Further, sampling error or errors with technique can interfere with MRD assays. For diseases like chronic lymphoblastic leukemia (CLL) or acute lymphoblastic leukemia (ALL), peripheral blood MRD assessments can bypass sampling error (compared to a single bone marrow aspirate) but may not necessarily be as sensitive. For bone marrow MRD assessments, hemodilution can profoundly affect the denominator of any MRD calculation, which is why MRD testing should always be sent from the first pull of bone marrow aspirate.

What is the point of MRD testing in clinical practice?

Outside of a research setting, there are currently few (if any) situations in which costly MRD assessments will unambiguously change management. Perhaps the closest such scenario is in patients with B-cell ALL who have achieved a complete response after induction and are planning to proceed to allogeneic transplantation. In this setting, pretransplantation MRD positivity is associated with poorer post-transplant outcomes7 than MRD negativity, and the addition of blinatumomab — a bispecific antibody that allows native T-cells to recognize CD19-positive tumor cells — has a growing evidence base for MRD eradication8 in this setting.

Additionally, there are several ongoing studies using MRD assays to determine if therapy can be de-escalated or even stopped, including the CAPTIVATE study9 with ibrutinib/venetoclax in CLL or the MASTER study10 with Dara-KRd (daratumumab, carfilzomib, lenalidomide, and dexamethasone) in myeloma. However, every MRD assay has limitations based on sampling error, testing characteristics, and disease heterogeneity. As such, MRD testing requires dedicated and prospective study in each specific disease.

What is the point of MRD testing in research? Is MRD negativity an acceptable surrogate endpoint for clinical trials?

MRD is indeed prognostic, and several meta-analyses (in myeloma,11 B-ALL,12 and AML13) have shown that patients who achieve MRD negativity have better outcomes compared to patients who do not. However, studies that compare responders with non-responders are flawed in terms of assessing a test’s prognostic value. Why? Because this type of study is inherently a comparison of patients with tumor biology that is intrinsically responsive to treatment versus patients whose tumors are not. As such, achievement of MRD negativity reflects not only the efficacy of treatment but also the underlying tumor biology. Or, to borrow a parenthood analogy that one of us is currently struggling with: If a baby can sleep through the night by 12 weeks of age, congratulations to the parents! However, rather than attributing it to intensive sleep training or a brand of pacifier, it was probably a skill the baby had all along.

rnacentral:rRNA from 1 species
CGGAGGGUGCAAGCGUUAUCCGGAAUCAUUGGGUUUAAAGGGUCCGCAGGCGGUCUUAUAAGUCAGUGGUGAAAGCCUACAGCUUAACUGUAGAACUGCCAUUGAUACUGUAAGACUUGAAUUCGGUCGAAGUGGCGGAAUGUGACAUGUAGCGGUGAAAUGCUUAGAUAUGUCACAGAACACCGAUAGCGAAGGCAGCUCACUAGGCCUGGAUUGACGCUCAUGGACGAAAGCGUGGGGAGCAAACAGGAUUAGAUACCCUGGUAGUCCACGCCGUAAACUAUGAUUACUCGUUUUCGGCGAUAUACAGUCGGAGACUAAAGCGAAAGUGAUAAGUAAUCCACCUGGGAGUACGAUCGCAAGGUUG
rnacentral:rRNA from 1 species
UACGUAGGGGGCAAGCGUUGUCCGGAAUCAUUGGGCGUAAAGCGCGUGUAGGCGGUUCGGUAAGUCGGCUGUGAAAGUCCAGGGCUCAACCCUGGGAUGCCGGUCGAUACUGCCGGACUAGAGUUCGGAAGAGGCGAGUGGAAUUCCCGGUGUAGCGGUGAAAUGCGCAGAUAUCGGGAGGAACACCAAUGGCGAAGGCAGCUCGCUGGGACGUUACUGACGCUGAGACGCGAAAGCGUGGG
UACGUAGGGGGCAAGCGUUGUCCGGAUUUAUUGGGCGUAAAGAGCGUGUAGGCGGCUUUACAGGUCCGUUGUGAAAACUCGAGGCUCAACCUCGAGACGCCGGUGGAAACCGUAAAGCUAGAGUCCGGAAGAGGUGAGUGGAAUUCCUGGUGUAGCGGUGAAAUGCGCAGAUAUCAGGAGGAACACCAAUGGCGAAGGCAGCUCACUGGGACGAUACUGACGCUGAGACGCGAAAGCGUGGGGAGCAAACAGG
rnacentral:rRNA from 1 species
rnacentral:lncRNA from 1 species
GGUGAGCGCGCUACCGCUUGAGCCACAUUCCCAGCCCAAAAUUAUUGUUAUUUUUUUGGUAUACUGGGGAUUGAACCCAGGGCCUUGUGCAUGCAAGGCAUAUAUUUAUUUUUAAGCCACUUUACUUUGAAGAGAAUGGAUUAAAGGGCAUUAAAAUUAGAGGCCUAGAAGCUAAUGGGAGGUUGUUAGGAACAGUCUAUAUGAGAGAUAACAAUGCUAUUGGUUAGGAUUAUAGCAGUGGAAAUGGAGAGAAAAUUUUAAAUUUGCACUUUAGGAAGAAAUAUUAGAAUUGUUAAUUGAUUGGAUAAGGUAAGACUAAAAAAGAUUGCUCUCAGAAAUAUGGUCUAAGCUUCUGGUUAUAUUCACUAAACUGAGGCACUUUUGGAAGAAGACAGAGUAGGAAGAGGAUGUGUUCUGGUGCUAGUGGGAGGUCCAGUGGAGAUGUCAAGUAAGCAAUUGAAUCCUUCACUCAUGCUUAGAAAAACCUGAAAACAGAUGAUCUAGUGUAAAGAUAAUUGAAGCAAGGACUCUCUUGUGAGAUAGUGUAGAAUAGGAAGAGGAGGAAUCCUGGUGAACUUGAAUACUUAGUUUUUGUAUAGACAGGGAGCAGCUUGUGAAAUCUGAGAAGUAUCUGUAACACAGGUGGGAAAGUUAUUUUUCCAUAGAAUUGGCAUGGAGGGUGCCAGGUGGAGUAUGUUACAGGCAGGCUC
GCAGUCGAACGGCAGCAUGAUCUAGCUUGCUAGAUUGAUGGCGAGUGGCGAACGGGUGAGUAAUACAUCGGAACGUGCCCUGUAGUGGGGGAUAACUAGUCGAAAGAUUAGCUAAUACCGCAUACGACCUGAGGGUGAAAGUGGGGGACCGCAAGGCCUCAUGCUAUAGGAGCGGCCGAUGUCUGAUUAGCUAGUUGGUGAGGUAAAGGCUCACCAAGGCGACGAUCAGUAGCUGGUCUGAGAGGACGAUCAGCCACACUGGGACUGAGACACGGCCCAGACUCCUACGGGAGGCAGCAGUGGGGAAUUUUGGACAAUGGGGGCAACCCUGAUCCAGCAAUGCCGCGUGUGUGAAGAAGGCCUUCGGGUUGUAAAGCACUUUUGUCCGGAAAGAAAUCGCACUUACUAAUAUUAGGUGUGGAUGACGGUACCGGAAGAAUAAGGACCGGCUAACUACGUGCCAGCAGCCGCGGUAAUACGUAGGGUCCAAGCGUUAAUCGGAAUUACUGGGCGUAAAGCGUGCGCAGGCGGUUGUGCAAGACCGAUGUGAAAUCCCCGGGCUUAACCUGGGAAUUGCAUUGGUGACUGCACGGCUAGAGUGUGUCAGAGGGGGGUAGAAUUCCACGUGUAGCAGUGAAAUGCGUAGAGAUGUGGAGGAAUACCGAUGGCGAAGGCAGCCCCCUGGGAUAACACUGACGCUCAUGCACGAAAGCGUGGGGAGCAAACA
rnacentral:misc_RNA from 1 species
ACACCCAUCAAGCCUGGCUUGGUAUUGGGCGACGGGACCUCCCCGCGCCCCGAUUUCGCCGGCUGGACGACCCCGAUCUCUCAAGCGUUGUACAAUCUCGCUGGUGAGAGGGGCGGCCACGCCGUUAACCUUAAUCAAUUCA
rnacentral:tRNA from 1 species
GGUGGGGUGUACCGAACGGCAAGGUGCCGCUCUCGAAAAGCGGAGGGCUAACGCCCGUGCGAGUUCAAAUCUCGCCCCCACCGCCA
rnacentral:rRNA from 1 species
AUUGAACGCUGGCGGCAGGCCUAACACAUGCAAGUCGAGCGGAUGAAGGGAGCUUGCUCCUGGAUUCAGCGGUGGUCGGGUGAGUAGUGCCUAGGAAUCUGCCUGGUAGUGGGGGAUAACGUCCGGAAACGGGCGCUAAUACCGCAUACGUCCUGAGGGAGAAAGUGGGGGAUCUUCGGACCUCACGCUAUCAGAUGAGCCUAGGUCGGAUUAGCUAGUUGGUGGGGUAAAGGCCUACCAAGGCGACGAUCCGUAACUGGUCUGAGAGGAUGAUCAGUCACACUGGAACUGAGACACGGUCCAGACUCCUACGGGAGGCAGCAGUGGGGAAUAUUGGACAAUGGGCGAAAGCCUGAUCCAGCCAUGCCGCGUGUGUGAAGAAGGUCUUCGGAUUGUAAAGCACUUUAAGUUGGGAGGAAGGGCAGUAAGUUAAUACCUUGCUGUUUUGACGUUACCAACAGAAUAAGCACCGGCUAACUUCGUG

In summary, the use of MRD testing in malignant hematology will likely continue to grow in coming years, but only as the science behind its methodology and trials investigating its clinical applications expand. The details of what we’ve discussed are outlined in the Table. While MRD testing is an exciting concept, only carefully designed trials of MRD-guided decision-making will help determine whether MRD negativity is an appropriate surrogate for hard endpoints such as overall survival.

Table. MRD: The Good, the Bad, and the Ugly.

Technical Details Clinical Implications
Good Can possibly detect one malignant cell out of (up to) a million total cells Can inform need for pre-transplantation blinatumomab in patients with B-ALL who achieve an MRD-positive complete remission
Bad Can be influenced by a hemodiluted sample (hence, always pull MRD first from the bone marrow aspirate) Currently unclear if MRD is a marker of therapy effectiveness versus indolent disease biology
Ugly Does not account for sampling error or other sites of disease: for example, plasmacytomas on a PET scan Can be quite costly and has not yet been shown to change clinical management in most settings

Disclaimers: Many details are intentionally omitted in this article for simplicity’s sake. Brand names are included for convenience and do not represent endorsements.